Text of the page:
Marvel Comics’ Newest Female Superhero Inspired By The Nigerian Chibok Elementary Girls

Get set for a new Marvel comic book character that is markedly different from all the others. In a recent press announcement from Reuters, this new comic will feature an African teen girl as the central superhero, who hails from Nigeria. Her name is Ngozi, and she was inspired by the kidnapped Chibok girls who became the subject of headline news globally a few years ago after they were kidnapped by terrorist group Boko Haram.

Since the kidnapping, which sparked a global movement on social media called #BringBackourGirls as a way to raise awareness, a number of girls have been rescued, many of them pregnant. The kidnapping was an horrific reminder of the evil that exists in the world, and the importance of everyday heroes that seek to protect the well being of the most vulnerable in our world.

In the fictional world, it’s also important to see heroes that reflect reality, which is what Marvel and the comic’s author hopes to do with this Ngozi. Reuters reports Nigerian-American writer Nnedi Okorafor (pictured above), an English professor at the University at Buffalo in New York and award-winning author is the mastermind behind this new story line. The comic she wrote is called ‘Blessing in Disguise’ and is part of the Venomverse, which features other popular Marvel characters such as Black Panther, Venom, and Deadpool.

Nnedi released an image from the comic book via her Twitter account which shows readers a snippet of how Ngozi got her superpowers, and also how Black Panther features in the story. Another important part of this comic is that it is set in a real African city, Lagos, whereas Black Panther’s story is set in a fictional place called Wakanda.

The author told Reuters she hopes the story of Ngozi will resonate with young African girls, given the inspiration from real life events.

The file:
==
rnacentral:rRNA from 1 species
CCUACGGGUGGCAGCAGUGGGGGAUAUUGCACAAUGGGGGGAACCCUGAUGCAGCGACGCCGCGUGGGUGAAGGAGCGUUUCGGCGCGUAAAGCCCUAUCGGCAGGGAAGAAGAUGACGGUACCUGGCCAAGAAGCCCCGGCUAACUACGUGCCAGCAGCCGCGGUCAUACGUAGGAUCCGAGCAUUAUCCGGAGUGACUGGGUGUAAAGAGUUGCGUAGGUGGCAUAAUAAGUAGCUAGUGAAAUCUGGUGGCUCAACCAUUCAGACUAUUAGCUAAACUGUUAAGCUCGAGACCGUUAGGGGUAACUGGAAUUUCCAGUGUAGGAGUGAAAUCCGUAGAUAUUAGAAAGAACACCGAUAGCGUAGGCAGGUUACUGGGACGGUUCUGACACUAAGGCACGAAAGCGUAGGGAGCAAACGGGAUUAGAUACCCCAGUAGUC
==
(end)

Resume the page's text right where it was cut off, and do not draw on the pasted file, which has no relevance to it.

“It was an important decision for me to base Ngozi on the one of the Chibok girls. They were normal girls who suddenly had to deal with a huge change in their lives … and their story of perseverance is so powerful. Like many Nigerian girls, Ngozi comes in a small package but is strong-willed and determined,” she said.

Nnedi said she was excited by the success of the ‘Wonder Woman’ film, which is the first major blockbuster feature film centered around a female superhero since 2005, and is the first superhero film directed by a woman, Patty Jenkins. ‘Wonder Woman’ was a breakout hit for the DC Extended Universe, bringing in over $100 million in its opening weekend alone, and breaking records to become the highest-grossing opening weekend for a woman director. A sequel has already been announced, with Patty Jenkins returning as director.

But there were some criticisms of the film, especially due to its lack of visibility of women of color. As Cameron Glover at Harper’s Bazaar wrote in a very informative piece, the film was bittersweet for a number of black women who have long had valid criticisms of the way the feminist movement has excluded the voices of women of color and intersectional issues.

“Historically, Black women have played a significant role in the Wonder Woman comics and media prior to the film. In the comics, Black Amazons were canon (i.e part of the storyline’s continuity) and visible in their own stories, painting a broader, more inclusive picture of what life on Themyscira—and the wider world of the Wonder Woman universe—looks like. In the comics, Philippus, the leader of the Amazon military, plays a significant role in raising Diana and eventually teaching her how to fight. Diana also has a Black sister named Nubia, though they don’t meet until much later in Diana’s story. But even with Black women playing such significant roles in the original Wonder Woman story, their erasure from the film adaptation proves the inclusion of Black women and their stories is still not a priority for mainstream feminism,” she wrote.

Although the film is a major step forward for female superheroes, there is still a long way to go, and Nnedi hopes ‘Blessing in Disguise’ will continue the momentum.

“I‘m a huge Wonder Woman fan, but we can really push it further when it comes to diversity. I‘m not just talking about race and sexual orientation, but about having a range of personalities with different desires, dreams and flaws. I don’t only want to see badass female characters, I want to see much less predictable ones,” she said.

Along with the forthcoming ‘Black Panther’ film starring Chadwick Boseman, perhaps there may be a possibility of seeing Ngozi on the big screen one day. In the meantime, young girls can be inspired by a story filled with empowerment, showing them they too can be a hero. You can see a preview of ‘Blessing in Disguise’ in the image below.

 

 

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